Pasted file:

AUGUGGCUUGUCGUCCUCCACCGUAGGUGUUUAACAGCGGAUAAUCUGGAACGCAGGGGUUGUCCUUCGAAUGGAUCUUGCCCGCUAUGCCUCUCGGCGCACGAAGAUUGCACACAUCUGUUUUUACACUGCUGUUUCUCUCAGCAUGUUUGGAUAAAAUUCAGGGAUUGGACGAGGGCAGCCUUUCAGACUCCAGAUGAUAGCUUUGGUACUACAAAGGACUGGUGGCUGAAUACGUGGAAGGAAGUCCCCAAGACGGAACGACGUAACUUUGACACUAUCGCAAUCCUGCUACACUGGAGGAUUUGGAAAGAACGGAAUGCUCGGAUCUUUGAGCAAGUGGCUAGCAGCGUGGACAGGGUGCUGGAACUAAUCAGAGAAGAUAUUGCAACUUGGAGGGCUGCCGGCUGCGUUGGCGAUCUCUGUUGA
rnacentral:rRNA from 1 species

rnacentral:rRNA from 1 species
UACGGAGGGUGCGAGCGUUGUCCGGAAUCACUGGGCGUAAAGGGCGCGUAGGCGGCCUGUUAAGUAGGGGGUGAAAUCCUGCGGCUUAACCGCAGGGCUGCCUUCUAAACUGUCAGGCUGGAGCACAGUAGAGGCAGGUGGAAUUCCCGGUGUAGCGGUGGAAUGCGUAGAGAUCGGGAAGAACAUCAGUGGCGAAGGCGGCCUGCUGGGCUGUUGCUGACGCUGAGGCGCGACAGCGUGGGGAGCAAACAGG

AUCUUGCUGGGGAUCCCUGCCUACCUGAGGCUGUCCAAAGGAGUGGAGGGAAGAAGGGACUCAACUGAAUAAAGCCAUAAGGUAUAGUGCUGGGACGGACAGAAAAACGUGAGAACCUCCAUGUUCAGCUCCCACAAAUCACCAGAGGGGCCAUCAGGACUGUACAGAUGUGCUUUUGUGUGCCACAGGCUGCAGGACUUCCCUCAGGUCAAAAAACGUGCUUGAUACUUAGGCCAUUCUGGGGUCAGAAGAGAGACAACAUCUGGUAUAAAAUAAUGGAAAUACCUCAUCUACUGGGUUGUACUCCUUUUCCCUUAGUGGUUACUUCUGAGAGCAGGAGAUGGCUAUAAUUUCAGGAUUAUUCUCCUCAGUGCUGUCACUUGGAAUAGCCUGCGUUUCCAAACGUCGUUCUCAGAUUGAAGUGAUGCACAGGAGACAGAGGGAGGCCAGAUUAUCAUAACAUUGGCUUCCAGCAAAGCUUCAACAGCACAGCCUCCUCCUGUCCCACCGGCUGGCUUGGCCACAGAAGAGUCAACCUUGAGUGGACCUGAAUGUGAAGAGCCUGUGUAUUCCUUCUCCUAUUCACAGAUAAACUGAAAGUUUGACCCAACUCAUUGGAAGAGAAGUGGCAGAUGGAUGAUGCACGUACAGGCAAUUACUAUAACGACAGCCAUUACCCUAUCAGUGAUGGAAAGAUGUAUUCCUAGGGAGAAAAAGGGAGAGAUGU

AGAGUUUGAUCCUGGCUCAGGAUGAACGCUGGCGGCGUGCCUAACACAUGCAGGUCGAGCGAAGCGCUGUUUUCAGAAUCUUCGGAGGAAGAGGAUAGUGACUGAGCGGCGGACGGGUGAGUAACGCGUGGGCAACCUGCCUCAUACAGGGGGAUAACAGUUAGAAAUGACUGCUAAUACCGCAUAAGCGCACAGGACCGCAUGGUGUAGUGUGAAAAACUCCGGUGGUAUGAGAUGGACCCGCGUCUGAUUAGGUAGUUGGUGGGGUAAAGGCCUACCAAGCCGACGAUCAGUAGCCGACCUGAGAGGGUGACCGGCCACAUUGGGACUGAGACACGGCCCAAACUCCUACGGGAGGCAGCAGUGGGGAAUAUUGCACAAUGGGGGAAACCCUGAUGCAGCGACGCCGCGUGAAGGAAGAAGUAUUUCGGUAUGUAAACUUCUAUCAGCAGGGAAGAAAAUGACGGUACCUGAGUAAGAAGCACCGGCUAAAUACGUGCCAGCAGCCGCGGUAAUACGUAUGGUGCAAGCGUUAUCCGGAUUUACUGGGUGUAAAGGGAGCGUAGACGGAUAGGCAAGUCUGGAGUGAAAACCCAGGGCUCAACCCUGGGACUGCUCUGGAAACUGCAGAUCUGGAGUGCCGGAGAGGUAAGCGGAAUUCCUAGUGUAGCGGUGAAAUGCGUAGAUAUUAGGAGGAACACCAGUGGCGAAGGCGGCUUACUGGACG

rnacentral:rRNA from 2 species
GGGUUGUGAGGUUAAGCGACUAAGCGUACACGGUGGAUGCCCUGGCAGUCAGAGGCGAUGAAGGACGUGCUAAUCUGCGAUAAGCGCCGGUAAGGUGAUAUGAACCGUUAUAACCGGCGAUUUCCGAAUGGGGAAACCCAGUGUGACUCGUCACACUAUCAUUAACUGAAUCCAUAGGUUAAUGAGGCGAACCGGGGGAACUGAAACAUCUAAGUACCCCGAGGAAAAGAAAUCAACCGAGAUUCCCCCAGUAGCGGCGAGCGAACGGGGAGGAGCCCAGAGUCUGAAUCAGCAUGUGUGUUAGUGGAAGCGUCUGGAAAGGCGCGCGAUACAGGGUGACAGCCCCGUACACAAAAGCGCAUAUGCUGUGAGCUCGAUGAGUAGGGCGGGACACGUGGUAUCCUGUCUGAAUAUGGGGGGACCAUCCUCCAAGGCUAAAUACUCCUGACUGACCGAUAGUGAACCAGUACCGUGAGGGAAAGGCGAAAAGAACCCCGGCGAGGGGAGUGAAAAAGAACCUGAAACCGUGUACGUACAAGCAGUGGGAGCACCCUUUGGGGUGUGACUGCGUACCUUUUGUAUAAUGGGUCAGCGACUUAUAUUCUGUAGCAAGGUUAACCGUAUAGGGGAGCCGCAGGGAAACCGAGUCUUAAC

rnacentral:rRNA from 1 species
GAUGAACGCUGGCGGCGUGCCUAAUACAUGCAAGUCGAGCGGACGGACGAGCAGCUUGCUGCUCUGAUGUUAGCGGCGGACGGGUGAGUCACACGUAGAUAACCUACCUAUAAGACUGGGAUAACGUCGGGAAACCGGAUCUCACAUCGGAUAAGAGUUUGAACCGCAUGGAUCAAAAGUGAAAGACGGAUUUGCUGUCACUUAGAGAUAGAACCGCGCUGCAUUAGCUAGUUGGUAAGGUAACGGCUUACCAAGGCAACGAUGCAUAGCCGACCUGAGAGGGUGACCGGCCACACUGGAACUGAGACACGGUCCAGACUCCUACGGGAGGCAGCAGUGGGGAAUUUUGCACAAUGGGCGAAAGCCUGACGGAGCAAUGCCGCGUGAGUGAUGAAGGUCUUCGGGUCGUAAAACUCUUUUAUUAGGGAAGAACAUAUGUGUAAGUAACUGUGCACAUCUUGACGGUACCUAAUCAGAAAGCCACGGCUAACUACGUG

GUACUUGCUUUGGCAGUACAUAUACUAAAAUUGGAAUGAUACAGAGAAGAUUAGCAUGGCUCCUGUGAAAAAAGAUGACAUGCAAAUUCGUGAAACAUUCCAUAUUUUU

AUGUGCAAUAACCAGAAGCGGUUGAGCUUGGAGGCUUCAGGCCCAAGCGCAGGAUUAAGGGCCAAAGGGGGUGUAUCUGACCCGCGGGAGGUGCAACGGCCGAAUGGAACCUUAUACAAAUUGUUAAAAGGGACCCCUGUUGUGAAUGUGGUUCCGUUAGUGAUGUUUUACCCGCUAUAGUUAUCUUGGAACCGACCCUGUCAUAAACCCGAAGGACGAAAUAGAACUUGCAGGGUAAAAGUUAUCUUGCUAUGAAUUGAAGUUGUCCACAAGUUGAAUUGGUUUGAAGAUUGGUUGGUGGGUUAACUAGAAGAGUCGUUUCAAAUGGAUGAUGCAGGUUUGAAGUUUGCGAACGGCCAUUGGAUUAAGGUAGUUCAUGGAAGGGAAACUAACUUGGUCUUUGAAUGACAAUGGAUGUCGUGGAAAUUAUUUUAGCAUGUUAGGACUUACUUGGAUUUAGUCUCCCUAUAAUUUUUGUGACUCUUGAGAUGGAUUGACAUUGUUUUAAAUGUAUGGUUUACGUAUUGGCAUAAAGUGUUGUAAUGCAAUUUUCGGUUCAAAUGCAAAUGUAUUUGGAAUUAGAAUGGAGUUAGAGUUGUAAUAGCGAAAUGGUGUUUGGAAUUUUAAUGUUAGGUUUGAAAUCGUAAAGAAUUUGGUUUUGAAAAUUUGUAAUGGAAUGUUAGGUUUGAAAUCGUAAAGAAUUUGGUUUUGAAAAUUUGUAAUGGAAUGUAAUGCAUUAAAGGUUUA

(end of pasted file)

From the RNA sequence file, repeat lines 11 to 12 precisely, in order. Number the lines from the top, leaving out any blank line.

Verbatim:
GUACUUGCUUUGGCAGUACAUAUACUAAAAUUGGAAUGAUACAGAGAAGAUUAGCAUGGCUCCUGUGAAAAAAGAUGACAUGCAAAUUCGUGAAACAUUCCAUAUUUUU

AUGUGCAAUAACCAGAAGCGGUUGAGCUUGGAGGCUUCAGGCCCAAGCGCAGGAUUAAGGGCCAAAGGGGGUGUAUCUGACCCGCGGGAGGUGCAACGGCCGAAUGGAACCUUAUACAAAUUGUUAAAAGGGACCCCUGUUGUGAAUGUGGUUCCGUUAGUGAUGUUUUACCCGCUAUAGUUAUCUUGGAACCGACCCUGUCAUAAACCCGAAGGACGAAAUAGAACUUGCAGGGUAAAAGUUAUCUUGCUAUGAAUUGAAGUUGUCCACAAGUUGAAUUGGUUUGAAGAUUGGUUGGUGGGUUAACUAGAAGAGUCGUUUCAAAUGGAUGAUGCAGGUUUGAAGUUUGCGAACGGCCAUUGGAUUAAGGUAGUUCAUGGAAGGGAAACUAACUUGGUCUUUGAAUGACAAUGGAUGUCGUGGAAAUUAUUUUAGCAUGUUAGGACUUACUUGGAUUUAGUCUCCCUAUAAUUUUUGUGACUCUUGAGAUGGAUUGACAUUGUUUUAAAUGUAUGGUUUACGUAUUGGCAUAAAGUGUUGUAAUGCAAUUUUCGGUUCAAAUGCAAAUGUAUUUGGAAUUAGAAUGGAGUUAGAGUUGUAAUAGCGAAAUGGUGUUUGGAAUUUUAAUGUUAGGUUUGAAAUCGUAAAGAAUUUGGUUUUGAAAAUUUGUAAUGGAAUGUUAGGUUUGAAAUCGUAAAGAAUUUGGUUUUGAAAAUUUGUAAUGGAAUGUAAUGCAUUAAAGGUUUA